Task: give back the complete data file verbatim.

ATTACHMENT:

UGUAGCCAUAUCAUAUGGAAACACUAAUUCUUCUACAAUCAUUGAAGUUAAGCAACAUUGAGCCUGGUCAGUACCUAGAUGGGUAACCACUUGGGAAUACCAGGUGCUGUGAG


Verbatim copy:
UGUAGCCAUAUCAUAUGGAAACACUAAUUCUUCUACAAUCAUUGAAGUUAAGCAACAUUGAGCCUGGUCAGUACCUAGAUGGGUAACCACUUGGGAAUACCAGGUGCUGUGAG